Trump's Budget Calls For Cuts To VA Benefits As Tradeoff For Extending Choice Program

Veterans Benefits
AP Photo/Elaine Thompson

President Donald Trump’s budget released Tuesday proposes cutting monthly stipends to some disabled, unemployed veterans and reducing veterans’ cost-of-living adjustments as offsets to continue a program that allows veterans to seek care outside the Department of Veterans Affairs.


The $186.5 billion budget calls for $2.9 billion in new spending in fiscal 2018, which begins Oct. 1, to fund the Veterans Choice Program, which was created as a temporary measure and allows veterans, in certain instances, to seek health care in the private sector at the VA’s expense. Trump’s budget also asks for $3.5 billion more for the program in 2019 and every subsequent year.

The increase would bring the total amount that the VA spends through its various community care programs to $13.2 billion in fiscal 2018.

The Choice program — created in response to the system-wide scandal of veterans suffering long waits for health care -- was set to end Aug. 7, 2017. Congress passed legislation in April allowing it to continue beyond the expiration date with the approximately $1 billion remaining of $10 billion appropriated for the program in 2014.

It’s now authorized to continue until it runs out of money. VA Secretary David Shulkin is working on improvements to the program, which has been criticized by veterans and lawmakers as confusing and complex.

“Veterans’ access to timely, high-quality health care is one of this administration’s highest priorities,” the budget states. “The budget provides mandatory funding to extend the Veterans Choice Program, enabling eligible veterans to receive timely care, close to home.”

Listed as one of the offsets for the extra cost is a new restriction on compensation for veterans through the VA’s “individual unemployability” program.

Currently, veterans eligible for the program have a 60 to 100 percent disability rating through the VA and are unable to secure a job because of their service-connected disability. The program allows them to get paid at the highest compensation rate. For 2017, the monthly rate for a 100 percent disabled veteran living alone is $2,915 per month.

The change, which the budget describes as a “modernization,” would stop the higher payments once a veteran who is eligible for Social Security payments reaches the minimum age to receive them. Veterans who have already reached the age to receive Social Security would be removed from the VA benefit program if Congress approves the proposal.

The change would save $3.2 billion for the VA in fiscal 2018, according to budget documents.

Also listed as an offset to the Choice program is a practice to round down cost-of-living adjustments to all veterans who receive disability compensation. The practice was standard until 2013.

The Office of Management and Budget estimates reinstating the round-down policy would decrease payments by a total of $12 annually per veteran. It would save $20 million for the VA in fiscal 2018, the documents show.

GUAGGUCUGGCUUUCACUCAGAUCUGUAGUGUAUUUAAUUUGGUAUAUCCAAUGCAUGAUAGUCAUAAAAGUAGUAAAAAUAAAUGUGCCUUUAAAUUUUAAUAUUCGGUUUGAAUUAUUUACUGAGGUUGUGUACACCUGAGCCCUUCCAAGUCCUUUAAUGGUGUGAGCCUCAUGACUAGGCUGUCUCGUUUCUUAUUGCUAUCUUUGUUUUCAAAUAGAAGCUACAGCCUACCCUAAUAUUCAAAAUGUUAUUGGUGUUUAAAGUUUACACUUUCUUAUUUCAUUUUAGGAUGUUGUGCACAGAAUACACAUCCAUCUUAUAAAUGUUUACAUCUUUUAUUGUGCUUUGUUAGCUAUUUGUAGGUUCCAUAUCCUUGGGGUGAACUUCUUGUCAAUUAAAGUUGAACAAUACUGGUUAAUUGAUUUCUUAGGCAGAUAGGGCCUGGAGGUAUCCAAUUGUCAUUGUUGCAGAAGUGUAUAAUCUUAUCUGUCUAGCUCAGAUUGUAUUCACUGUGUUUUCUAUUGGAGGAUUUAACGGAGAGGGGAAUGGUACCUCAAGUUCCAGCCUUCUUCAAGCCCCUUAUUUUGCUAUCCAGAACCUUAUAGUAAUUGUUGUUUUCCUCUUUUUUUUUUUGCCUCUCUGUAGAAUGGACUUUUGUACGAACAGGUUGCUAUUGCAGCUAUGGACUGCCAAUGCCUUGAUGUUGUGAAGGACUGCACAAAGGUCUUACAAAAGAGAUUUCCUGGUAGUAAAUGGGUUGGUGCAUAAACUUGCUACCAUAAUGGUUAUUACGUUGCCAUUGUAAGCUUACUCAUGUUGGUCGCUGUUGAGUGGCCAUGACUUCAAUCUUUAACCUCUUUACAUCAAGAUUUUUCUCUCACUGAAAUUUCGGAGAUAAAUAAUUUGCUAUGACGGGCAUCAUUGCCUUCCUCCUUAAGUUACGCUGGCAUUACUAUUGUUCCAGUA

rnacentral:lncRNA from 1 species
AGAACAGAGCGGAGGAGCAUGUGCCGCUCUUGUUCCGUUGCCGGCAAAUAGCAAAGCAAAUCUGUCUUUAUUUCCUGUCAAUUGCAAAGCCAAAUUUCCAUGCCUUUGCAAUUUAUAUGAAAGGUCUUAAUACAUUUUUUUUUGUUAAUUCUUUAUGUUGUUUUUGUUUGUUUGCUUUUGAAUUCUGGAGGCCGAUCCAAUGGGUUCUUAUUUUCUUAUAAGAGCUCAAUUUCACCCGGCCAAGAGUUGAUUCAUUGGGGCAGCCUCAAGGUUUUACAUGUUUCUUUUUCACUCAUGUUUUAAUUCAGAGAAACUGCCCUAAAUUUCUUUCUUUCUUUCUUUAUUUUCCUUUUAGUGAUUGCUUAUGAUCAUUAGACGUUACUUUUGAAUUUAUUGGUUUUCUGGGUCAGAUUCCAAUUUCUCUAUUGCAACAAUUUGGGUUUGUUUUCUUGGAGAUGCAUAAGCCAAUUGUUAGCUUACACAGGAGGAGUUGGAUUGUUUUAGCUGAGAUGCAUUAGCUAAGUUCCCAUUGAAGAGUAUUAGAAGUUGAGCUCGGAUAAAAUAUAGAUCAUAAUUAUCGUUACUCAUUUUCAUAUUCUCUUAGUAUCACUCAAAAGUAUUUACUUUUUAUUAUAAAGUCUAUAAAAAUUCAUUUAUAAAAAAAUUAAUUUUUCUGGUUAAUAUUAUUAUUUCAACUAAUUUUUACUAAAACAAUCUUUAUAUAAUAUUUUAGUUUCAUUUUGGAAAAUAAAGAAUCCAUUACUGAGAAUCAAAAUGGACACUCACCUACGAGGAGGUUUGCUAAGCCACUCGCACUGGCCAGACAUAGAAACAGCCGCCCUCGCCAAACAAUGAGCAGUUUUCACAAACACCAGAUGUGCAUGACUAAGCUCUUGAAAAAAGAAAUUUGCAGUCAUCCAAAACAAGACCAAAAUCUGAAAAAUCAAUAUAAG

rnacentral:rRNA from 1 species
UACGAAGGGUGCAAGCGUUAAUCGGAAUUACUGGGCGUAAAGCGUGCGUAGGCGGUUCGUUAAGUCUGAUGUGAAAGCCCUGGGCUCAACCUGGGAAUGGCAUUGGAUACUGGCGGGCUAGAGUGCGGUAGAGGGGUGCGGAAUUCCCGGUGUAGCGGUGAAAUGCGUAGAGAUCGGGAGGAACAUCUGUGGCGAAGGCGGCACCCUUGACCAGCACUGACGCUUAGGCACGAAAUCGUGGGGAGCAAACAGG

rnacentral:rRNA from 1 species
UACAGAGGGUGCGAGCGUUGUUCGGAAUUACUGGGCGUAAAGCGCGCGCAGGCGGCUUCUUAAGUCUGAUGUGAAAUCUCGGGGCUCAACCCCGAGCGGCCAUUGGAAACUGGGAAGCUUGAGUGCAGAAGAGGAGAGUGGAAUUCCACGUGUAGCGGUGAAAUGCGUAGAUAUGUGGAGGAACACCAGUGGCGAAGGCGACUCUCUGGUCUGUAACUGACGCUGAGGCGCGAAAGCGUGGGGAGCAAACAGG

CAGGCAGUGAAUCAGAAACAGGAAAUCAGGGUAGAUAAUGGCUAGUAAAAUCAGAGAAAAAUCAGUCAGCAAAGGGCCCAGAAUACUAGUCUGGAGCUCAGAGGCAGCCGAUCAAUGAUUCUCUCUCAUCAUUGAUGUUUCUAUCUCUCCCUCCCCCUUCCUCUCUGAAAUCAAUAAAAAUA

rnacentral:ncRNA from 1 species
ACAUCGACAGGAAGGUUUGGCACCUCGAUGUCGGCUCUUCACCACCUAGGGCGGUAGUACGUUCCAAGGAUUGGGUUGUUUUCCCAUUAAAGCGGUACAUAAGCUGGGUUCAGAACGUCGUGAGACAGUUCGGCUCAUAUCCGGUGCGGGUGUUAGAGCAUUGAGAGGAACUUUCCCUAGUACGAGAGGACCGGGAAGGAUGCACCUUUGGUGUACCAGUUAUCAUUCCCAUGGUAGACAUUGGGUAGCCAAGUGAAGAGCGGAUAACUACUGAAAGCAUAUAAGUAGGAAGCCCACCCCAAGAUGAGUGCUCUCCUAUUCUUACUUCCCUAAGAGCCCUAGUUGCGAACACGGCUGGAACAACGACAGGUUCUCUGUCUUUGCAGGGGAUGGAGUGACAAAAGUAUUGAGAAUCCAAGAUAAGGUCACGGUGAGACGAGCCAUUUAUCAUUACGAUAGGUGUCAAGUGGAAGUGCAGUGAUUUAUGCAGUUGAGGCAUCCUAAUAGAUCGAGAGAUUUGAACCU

The last offset would be to cap student veterans’ Post-9/11 GI Bill benefits for flight training. Flight programs tend to be more expensive than other courses of study, the budget states. It proposes capping benefits for flight training at the maximum the VA will provide to students at private schools, which is about $21,000 each year. The cap would save $42 million for the VA for fiscal 2018, according to the budget.

“Through these tradeoffs, VA will focus its budgetary resources on providing veterans with the most efficient and effective care and benefits,” the budget reads.

In total, the president’s budget calls for $82.1 billion in discretionary spending for the VA, an increase of about 6 percent from fiscal 2017. Once mandated funding is included, the budget surpasses $186 billion.

If passed by Congress, the VA’s budget would be another in a succession of increases for the agency. When former President Barack Obama took office in 2008, the VA budget was about $90 billion. In 2012, it was $130 billion.

Shulkin said at a congressional hearing earlier this month that he would not be seeking a budget increase for the VA in future years, but needed one in fiscal 2018 for modernization efforts.

He is set to testify about the budget Wednesday morning before the House Committee on Veterans’ Affairs.

“The 2018 budget request reflects the strong commitment of the president to provide the services and benefits that our nation’s veterans have earned,” Shulkin said in a statement issued Wednesday. “VA has made significant progress in improving its service to veterans and their family members. We are fully committed to continuing the transformation across the department, so we can deliver the standards of performance our veterans expect and deserve.”

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©2017 the Stars and Stripes. Distributed by Tribune Content Agency, LLC.

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